I had the great good fortune to be in Chicago to see Brigid Kosgei set a new women’s marathon world record–in fact, to smash Paula Radcliffe’s record 17 years to the day after she set it. Not only that, I had my camera with me, so I have slow motion video and my analysis to share with you.
First, here’s my video and analysis of what you can see from the side:
Now let’s go a bit deeper.
I’ve written about her form before–most in-depth this past spring in my analysis of the 2019 London Marathon. What I wrote there still held true exactly the same way in this race. Still the large frontal plane pelvis movement with the narrow footfalls.
However today she looked a bit different from the side than she did in London 2019, and radically different than the previous year in London, when I also was on the course and captured high-speed video. Here’s my London 2018 video, cued to start just before she enters the frame:
I had to watch this video a number of times today to be sure it’s the same runner. However certain hallmarks are unmistakable, particularly how she uses her arms.
The differences that stand out starkly to me are that she appears to be sitting back in the 2018 video, and I’m by no means certain that her pelvis is over her foot at midstance the way it clearly was today. Her legs seem overall much more bent–at hip, knee, and ankle–than today. And her back is also quite different–much more neutral in a forward lean, whereas today her back was almost slightly arched throughout the gait cycle, though most noticeably at toe off. That was more pronounced earlier on in the race, but it’s still visible in my video.
In addition, her musculature seems different. It may just be that she’s a little more solid overall now than in 2018–a good thing, surely– but specifically it looks like her glutes and hamstrings are more developed now. And in conjunction with this, I see little sign of the pulled-in abdomen I wrote about as recently as this past spring, and which you can see really vividly in the photo on her Wikipedia page.
Since a pulled-in abdomen is incompatible with really developing and using your glutes and, to a lesser extent, hamstrings, this makes sense.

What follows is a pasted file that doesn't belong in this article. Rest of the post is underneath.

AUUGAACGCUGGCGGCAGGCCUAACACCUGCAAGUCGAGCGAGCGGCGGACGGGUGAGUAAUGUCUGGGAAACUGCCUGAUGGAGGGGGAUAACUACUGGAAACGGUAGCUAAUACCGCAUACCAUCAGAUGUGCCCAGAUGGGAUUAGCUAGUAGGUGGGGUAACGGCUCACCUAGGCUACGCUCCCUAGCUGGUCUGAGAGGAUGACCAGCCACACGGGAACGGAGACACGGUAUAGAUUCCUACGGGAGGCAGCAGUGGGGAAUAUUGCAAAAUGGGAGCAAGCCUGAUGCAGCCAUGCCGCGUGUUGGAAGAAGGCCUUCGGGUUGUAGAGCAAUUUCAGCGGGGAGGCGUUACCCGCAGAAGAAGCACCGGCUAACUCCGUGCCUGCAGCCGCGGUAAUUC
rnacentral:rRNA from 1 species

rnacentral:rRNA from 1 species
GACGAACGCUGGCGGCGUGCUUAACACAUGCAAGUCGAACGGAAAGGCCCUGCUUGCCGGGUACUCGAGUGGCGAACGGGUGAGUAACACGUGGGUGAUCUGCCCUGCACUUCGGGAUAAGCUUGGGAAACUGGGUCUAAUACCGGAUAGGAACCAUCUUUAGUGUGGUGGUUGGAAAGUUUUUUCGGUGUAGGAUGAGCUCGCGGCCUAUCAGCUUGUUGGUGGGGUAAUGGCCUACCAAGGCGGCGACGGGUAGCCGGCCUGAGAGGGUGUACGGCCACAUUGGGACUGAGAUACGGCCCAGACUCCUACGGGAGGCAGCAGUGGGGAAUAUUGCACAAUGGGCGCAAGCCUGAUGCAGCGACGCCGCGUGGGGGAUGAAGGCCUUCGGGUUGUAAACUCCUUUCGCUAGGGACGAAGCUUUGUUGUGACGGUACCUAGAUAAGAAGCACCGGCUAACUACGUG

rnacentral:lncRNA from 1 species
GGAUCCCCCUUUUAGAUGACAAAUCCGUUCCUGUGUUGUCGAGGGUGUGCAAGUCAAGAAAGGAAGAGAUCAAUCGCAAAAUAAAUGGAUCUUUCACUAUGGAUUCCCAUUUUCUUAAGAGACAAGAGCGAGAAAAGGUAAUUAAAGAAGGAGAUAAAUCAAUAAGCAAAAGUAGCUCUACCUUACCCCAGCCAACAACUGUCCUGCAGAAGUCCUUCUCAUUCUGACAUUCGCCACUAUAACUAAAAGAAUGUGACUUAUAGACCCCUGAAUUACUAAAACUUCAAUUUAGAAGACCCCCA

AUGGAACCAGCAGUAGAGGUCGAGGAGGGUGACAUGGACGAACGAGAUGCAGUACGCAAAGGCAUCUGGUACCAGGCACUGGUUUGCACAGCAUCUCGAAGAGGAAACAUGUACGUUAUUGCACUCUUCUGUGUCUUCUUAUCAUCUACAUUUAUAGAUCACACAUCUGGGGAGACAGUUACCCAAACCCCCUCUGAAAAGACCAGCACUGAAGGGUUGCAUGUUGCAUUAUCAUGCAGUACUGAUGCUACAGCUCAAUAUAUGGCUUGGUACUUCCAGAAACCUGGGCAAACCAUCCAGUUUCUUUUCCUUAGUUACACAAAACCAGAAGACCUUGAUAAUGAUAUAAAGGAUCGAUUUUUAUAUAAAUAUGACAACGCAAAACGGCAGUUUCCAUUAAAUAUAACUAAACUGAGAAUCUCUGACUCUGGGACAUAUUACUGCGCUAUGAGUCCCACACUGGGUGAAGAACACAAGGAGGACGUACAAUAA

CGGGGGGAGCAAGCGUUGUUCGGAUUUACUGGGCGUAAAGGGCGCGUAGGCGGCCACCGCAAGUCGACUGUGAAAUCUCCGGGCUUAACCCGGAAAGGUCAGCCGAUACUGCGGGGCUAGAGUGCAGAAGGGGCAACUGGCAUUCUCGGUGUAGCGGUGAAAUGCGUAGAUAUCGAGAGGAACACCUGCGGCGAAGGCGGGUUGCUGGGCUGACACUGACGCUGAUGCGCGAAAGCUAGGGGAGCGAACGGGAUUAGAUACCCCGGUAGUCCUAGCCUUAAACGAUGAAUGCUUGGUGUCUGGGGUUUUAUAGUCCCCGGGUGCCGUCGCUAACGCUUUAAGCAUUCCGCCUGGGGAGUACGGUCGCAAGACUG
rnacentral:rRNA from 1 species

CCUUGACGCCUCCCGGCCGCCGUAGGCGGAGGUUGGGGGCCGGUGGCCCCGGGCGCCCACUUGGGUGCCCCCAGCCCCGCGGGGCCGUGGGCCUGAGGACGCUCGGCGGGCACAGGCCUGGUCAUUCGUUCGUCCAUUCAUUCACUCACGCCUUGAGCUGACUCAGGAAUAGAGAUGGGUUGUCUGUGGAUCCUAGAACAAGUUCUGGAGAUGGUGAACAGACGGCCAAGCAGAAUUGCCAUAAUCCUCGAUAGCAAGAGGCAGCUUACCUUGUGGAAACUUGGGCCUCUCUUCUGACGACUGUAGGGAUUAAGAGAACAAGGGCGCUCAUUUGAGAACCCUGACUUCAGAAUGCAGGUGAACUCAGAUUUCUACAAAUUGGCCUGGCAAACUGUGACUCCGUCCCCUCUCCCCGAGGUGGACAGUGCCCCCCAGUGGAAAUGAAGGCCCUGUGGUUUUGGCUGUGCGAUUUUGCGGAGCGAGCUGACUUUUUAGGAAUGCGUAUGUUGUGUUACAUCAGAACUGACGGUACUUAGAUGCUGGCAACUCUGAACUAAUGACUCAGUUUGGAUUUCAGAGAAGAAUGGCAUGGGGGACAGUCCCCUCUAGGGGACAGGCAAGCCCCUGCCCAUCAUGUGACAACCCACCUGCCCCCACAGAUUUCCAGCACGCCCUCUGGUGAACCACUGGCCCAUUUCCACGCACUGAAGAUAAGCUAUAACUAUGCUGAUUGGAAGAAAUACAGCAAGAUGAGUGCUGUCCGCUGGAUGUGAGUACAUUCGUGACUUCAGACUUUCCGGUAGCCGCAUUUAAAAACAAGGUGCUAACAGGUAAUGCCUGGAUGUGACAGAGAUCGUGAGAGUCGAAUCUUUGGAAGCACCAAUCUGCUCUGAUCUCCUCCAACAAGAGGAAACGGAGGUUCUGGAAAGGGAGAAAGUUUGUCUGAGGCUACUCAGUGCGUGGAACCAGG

This is all a quite massive change. It’s pretty common for me to write about runners a few times over the years, and I usually end up just referring to earlier posts because they usually run with consistent form.
So what could explain Kosgei’s transformation?
Here’s the part of the post I hate to write. There’s another difference between her 2018 video and today, and you may have already spotted it too: the shoes. In 2018 Kosgei appears to be wearing normal racing flats, and today she was wearing Nike’s most recent Vaporfly.
The changes I saw in her form didn’t happen just today. Musculature doesn’t change in a day. But I think she was also wearing a version of Vaporflys in London 2019, and I gather she’s been running in them for a while.
I hate to write this for two reasons. The first is that I have so little data, it seems ridiculous to connect the only two data points I have–form change and shoe change–and suggest a causal relationship. I do it, though, while saying there could be a ton of other factors having especially to do with her training that I’m not aware of, because the design of the shoes could promote the kind of form change we see from her.
The second reason I hate to write this is that I hate those shoes. They shut off an important part of the body’s spring mechanism, namely the arch and big toe, and substitute a rigid plate that rocks a runner forward off the tip of her toes. In my experience, you can’t shut off a key part of how the body works in running without paying a price. It won’t happen right away, and the effects will probably vary somewhat from person to person, but the reckoning will come.
Also, they create confusion about the real meaning of the amazing accomplishments we’re seeing–world records broken, the 2-hour marathon barrier falling. Could the runners have done these things without the special shoes? Not knowing puts a damper on the celebration, to say the least.
But, all of that said, and bearing in mind as well that different people respond differently to shoes, it could be that the rocker helped Kosgei move farther forward relative to her feet and activate her extensors better.
Or it could totally have been something else, like a lot of uphill running or different drills, or stopping doing some kind of core work that was messing up her form.
But whatever it was, it worked for her, and she should stick with it. And if she could stop doing that extra little lift of her chest at toe-off, maybe she could even run those faster times–2:11?–she talked about in the press conference afterwards.
Meanwhile, if you think you may be sitting back a bit like Kosgei in 2018, don’t buy those effing shoes. Better movement can be learned, and that lasts a lot longer than any footwear. Here are some of my key hip extension lessons–click the image to try them for free.
Wondering who Jae Gruenke is and on what basis she does running technique analyses? Read this.
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Jae Gruenke, GCFP, is a running technique expert and Feldenkrais Practitioner. Known as a “running form guru,” she is the Founder and CEO of The Balanced Runner™ in New York City and The Balanced Runner UK. She has helped runners from beginner to Olympian improve their form to become pain-free, economical, and fast.